Prenatal Vitamins are the custom combination of essential nutrients a pregnant body needs. This supplement is vital to maintaining a healthy pregnancy. However, some may blame prenatal vitamins as the common convict of acne during pregnancy.
However, this idea is entirely based on myth, which lacks scientific evidence as over 40% of pregnant women experience acne. This outbreak is in its full bloom, especially in its first trimester. And it has also been observed that pregnant women get acne whether they take Prenatal Vitamins or not. So can it be the cause of taking prenatal vitamins?
An insight into prenatal vitamins will give us a clear idea of whether or not prenatal vitamins are a convict at the onset of acne.
What are Prenatal Vitamins?
Prenatal Vitamins are the regular multivitamins women take regularly but in a higher concentration. Like the concentration of Folic Acid in ordinary women, multivitamins are 400 micrograms, but in Prenatal Vitamins, this quantity extends to 800 mcg. So prenatal vitamins are your regular multivitamins, but as the pregnant body is double in need of nutrients, the amount of prenatal vitamins is double.
These vitamins are custom according to the changing requirements of the pregnant body and fetal and placental development. These vitamins are also stage-specific. However, all prenatal vitamins contain different micronutrients that ensure a healthy pregnancy and the health of the pregnant woman and fetus. Also, their customization depends on the role each supplement play in the development of fetal growth and its stability at each stage of pregnancy.
Now the question is whether or not these prenatal vitamins are the cause of triggering acne.
So to have a clearer perspective, let’s look closely at the vitamins that are a part of prenatal vitamins and their effects on the skin.
The first and most essential vitamin is Folic Acid.
It is responsible for increasing hydration in the skin by maintaining skin barrier function. This improves moisture retention and eases skin dryness. Folic acid is responsible for doing so by keeping adequate collagen production.
An essential vitamin in prenatal vitamin does not affect the skin at all.
Research says that vitamin D has powerful anti-inflammatory properties; therefore, its lack may trigger acne.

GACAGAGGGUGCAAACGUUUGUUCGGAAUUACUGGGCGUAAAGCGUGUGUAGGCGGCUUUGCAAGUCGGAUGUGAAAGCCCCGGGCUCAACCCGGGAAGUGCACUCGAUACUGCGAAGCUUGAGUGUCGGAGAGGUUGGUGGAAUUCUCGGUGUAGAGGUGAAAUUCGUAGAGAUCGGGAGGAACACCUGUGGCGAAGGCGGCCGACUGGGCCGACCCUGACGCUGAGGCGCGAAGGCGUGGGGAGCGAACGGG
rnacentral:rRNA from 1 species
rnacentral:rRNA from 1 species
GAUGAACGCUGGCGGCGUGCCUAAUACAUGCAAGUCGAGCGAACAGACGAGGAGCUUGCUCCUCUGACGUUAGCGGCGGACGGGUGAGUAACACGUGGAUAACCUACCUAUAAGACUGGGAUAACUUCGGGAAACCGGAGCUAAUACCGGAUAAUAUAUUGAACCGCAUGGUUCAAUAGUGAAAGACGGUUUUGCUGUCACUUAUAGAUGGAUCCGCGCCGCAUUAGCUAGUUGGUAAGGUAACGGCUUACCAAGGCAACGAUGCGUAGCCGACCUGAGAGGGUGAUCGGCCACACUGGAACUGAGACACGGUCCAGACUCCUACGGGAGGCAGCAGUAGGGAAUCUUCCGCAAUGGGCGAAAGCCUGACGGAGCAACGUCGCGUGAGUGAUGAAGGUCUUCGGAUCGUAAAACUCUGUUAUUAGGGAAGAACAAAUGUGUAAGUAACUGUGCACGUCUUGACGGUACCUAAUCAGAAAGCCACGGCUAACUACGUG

“Vitamin C is a great and safe ingredient to use while pregnant,” confirms Dr. Nazarian. “Thankfully, it’s a super safe ingredient and works well with other products in most basic skincare regimens, such as sunscreen.” Source: verywellfamily.com.
It helps in speeding up healing and preventing breakouts/acne. It is also helpful in supporting the skin’s immune system, and it promotes natural moisturizing. This means it helps to hydrate the skin effectively, giving it a radiant glow. It is also helpful in helping to promote and maintain a healthy dermis and epidermis, the top two layers of your skin.
This vitamin is famous for its miraculous benefits on the skin. This vitamin is crucial for healthy skin and eyes. Even it is used to treat birthmarks.
Because of its anti-inflammatory properties, zinc may help clear acne, causing bacteria from the skin and reducing oil production, which is the second most common cause of acne.
Iodine is a common mineral found in multivitamin supplements and although it is essential for healthy thyroid functioning. However, in excess, it is excreted through the follicles and can be highly irritating to the pores of acne-prone individuals. In addition, some recent findings have linked Biotin with increased breakouts, and we often find this in prenatal vitamins.
This vitamin is crucial for keeping your skin radiant and glowing. However, according to a new study, too much vitamin B12 may promote acne.
The study found that, in the presence of vitamin B12, the skin bacteria commonly linked to acne start pumping out inflammatory molecules known to promote pimples. Source: livescience.com.
In addition, there have been some recent findings that have linked Biotin with increased breakouts.
Studies also show that Biotin may help improve comedonal acne, which causes black and whiteheads. It may also help control the flaking and irritation that occurs when you take retinoids for acne—source: www.webmd.com.
So to clear the collision of claims, I am quoting a most recent study which states:-
“An excess of biotin results in an overproduction of skin cells and a shortage of vitamin B5, resulting in a lack of moisture in the skin,” Green says. “The catalyst of the two can result in acne.” Still, there isn’t much research to support claims that taking biotin supplements will lead to a breakout—source: www.byride.com.
What Can and Can’t Be the Cause of Your Acne
Provided that some vitamins do have an excessive amount of biotin supplementation that may cause more harm than benefit. As excess of anything is not good, similarly excess of vitamins that are unnecessary or not required by your body can be harmful. Thus, knowing what you are taking and what your body needs you to take is essential.